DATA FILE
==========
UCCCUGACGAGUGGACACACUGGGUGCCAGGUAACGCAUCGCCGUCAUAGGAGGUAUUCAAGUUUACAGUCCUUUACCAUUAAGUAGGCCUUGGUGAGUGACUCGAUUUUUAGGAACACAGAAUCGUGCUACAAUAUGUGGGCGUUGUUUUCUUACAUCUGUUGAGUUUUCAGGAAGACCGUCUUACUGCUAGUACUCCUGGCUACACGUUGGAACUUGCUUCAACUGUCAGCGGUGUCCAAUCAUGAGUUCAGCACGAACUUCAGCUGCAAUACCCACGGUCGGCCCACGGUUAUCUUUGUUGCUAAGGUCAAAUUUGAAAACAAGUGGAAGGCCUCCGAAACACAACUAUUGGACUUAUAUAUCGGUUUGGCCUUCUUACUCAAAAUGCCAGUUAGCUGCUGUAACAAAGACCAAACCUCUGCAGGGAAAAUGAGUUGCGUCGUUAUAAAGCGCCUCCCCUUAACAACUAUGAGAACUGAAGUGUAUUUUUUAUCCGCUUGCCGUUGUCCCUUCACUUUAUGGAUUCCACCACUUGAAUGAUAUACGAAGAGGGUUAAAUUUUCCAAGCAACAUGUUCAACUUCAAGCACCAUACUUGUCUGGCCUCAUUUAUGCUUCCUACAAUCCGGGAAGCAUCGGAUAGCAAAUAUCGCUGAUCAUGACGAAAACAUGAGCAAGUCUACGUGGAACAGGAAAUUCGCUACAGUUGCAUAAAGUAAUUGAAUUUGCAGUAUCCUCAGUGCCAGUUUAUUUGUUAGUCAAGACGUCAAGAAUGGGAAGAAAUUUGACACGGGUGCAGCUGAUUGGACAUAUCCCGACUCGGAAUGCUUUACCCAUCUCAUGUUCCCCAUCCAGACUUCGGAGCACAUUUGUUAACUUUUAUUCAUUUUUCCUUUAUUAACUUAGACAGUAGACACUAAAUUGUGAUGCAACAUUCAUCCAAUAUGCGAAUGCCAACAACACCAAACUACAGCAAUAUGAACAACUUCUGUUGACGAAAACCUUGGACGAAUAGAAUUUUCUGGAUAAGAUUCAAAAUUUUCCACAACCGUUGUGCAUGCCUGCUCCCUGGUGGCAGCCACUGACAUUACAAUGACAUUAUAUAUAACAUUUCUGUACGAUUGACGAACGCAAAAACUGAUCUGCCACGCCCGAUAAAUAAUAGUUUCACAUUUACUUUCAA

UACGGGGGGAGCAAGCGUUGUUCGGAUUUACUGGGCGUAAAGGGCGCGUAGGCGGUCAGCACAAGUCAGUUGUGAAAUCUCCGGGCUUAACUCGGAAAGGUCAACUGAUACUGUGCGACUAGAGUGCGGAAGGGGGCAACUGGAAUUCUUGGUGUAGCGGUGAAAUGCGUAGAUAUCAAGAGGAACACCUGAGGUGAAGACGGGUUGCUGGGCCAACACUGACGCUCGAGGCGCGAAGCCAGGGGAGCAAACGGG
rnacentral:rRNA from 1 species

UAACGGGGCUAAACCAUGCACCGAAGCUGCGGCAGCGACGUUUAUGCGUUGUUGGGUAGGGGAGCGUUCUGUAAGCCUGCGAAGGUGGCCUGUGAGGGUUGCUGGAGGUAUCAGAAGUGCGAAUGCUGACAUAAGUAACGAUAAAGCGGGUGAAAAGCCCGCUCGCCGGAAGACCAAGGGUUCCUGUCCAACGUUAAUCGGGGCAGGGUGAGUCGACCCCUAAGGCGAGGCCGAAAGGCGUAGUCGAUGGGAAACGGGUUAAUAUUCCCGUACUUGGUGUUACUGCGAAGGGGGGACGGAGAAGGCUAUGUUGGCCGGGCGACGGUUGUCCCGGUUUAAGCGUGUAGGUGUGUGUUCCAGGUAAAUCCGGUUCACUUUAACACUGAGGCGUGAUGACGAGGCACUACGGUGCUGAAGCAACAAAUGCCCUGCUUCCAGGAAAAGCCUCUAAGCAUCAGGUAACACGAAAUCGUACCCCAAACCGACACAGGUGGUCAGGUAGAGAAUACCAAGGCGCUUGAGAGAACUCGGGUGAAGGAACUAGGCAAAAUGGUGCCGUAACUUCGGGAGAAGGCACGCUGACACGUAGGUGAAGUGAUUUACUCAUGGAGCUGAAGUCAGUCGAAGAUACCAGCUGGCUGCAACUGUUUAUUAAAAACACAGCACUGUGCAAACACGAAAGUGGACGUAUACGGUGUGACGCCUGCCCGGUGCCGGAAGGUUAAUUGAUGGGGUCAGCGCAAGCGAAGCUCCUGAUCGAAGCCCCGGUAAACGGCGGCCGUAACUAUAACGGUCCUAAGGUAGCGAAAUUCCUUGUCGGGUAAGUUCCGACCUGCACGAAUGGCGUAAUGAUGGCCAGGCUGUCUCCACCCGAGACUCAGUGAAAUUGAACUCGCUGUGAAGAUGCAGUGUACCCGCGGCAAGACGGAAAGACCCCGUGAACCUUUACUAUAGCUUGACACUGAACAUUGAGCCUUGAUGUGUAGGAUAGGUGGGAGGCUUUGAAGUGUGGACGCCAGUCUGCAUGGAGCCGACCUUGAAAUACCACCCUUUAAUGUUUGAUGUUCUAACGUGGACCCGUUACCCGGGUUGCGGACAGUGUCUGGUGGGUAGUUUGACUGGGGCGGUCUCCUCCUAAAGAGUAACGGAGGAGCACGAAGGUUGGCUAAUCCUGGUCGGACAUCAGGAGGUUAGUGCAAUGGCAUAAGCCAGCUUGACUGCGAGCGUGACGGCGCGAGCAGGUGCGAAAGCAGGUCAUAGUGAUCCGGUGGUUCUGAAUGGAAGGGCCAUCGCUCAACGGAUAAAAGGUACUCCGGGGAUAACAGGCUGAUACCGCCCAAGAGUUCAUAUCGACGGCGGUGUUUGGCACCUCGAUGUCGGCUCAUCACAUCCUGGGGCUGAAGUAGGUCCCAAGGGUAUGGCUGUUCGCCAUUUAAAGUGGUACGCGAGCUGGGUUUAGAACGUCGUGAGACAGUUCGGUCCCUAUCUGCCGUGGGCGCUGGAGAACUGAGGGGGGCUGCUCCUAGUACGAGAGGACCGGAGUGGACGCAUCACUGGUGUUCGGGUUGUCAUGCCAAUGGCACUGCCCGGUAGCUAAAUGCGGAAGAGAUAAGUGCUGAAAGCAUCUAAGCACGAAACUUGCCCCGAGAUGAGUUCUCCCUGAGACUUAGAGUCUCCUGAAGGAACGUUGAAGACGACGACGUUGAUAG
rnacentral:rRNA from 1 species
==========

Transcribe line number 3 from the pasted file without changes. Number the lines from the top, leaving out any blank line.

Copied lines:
rnacentral:rRNA from 1 species